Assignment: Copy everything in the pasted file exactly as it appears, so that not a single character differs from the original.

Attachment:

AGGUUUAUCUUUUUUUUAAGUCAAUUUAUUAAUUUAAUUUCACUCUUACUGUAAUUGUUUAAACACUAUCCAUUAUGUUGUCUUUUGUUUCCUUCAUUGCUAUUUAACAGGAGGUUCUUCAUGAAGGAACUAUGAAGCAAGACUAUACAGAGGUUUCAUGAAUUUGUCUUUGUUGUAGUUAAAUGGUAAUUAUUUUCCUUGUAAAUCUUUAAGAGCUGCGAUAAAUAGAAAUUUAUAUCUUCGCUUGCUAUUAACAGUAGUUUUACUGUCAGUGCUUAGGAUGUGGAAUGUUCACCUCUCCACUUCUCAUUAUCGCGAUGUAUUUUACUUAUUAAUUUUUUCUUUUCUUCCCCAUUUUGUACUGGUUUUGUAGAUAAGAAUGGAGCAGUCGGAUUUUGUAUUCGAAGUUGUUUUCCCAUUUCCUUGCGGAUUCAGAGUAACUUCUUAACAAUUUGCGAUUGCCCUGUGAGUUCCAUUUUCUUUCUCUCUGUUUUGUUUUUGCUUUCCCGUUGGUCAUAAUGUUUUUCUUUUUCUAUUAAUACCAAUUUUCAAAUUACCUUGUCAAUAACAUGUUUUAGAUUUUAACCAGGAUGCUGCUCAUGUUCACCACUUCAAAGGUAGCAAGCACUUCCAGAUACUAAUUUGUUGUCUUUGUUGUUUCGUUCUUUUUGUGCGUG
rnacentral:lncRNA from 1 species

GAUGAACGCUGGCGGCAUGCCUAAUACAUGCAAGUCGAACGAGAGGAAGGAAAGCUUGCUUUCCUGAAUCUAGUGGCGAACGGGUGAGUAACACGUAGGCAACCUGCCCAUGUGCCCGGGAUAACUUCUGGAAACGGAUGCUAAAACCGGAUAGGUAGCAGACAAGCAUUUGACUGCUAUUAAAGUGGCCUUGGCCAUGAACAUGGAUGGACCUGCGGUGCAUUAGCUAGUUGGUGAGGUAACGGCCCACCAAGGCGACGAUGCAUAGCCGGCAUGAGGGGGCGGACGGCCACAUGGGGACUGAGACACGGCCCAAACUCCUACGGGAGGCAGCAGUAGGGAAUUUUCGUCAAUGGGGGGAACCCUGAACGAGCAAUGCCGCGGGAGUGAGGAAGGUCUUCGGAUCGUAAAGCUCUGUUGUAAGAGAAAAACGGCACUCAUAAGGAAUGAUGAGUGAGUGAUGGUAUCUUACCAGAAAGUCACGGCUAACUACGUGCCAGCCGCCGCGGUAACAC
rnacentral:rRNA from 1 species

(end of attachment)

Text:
AGGUUUAUCUUUUUUUUAAGUCAAUUUAUUAAUUUAAUUUCACUCUUACUGUAAUUGUUUAAACACUAUCCAUUAUGUUGUCUUUUGUUUCCUUCAUUGCUAUUUAACAGGAGGUUCUUCAUGAAGGAACUAUGAAGCAAGACUAUACAGAGGUUUCAUGAAUUUGUCUUUGUUGUAGUUAAAUGGUAAUUAUUUUCCUUGUAAAUCUUUAAGAGCUGCGAUAAAUAGAAAUUUAUAUCUUCGCUUGCUAUUAACAGUAGUUUUACUGUCAGUGCUUAGGAUGUGGAAUGUUCACCUCUCCACUUCUCAUUAUCGCGAUGUAUUUUACUUAUUAAUUUUUUCUUUUCUUCCCCAUUUUGUACUGGUUUUGUAGAUAAGAAUGGAGCAGUCGGAUUUUGUAUUCGAAGUUGUUUUCCCAUUUCCUUGCGGAUUCAGAGUAACUUCUUAACAAUUUGCGAUUGCCCUGUGAGUUCCAUUUUCUUUCUCUCUGUUUUGUUUUUGCUUUCCCGUUGGUCAUAAUGUUUUUCUUUUUCUAUUAAUACCAAUUUUCAAAUUACCUUGUCAAUAACAUGUUUUAGAUUUUAACCAGGAUGCUGCUCAUGUUCACCACUUCAAAGGUAGCAAGCACUUCCAGAUACUAAUUUGUUGUCUUUGUUGUUUCGUUCUUUUUGUGCGUG
rnacentral:lncRNA from 1 species

GAUGAACGCUGGCGGCAUGCCUAAUACAUGCAAGUCGAACGAGAGGAAGGAAAGCUUGCUUUCCUGAAUCUAGUGGCGAACGGGUGAGUAACACGUAGGCAACCUGCCCAUGUGCCCGGGAUAACUUCUGGAAACGGAUGCUAAAACCGGAUAGGUAGCAGACAAGCAUUUGACUGCUAUUAAAGUGGCCUUGGCCAUGAACAUGGAUGGACCUGCGGUGCAUUAGCUAGUUGGUGAGGUAACGGCCCACCAAGGCGACGAUGCAUAGCCGGCAUGAGGGGGCGGACGGCCACAUGGGGACUGAGACACGGCCCAAACUCCUACGGGAGGCAGCAGUAGGGAAUUUUCGUCAAUGGGGGGAACCCUGAACGAGCAAUGCCGCGGGAGUGAGGAAGGUCUUCGGAUCGUAAAGCUCUGUUGUAAGAGAAAAACGGCACUCAUAAGGAAUGAUGAGUGAGUGAUGGUAUCUUACCAGAAAGUCACGGCUAACUACGUGCCAGCCGCCGCGGUAACAC
rnacentral:rRNA from 1 species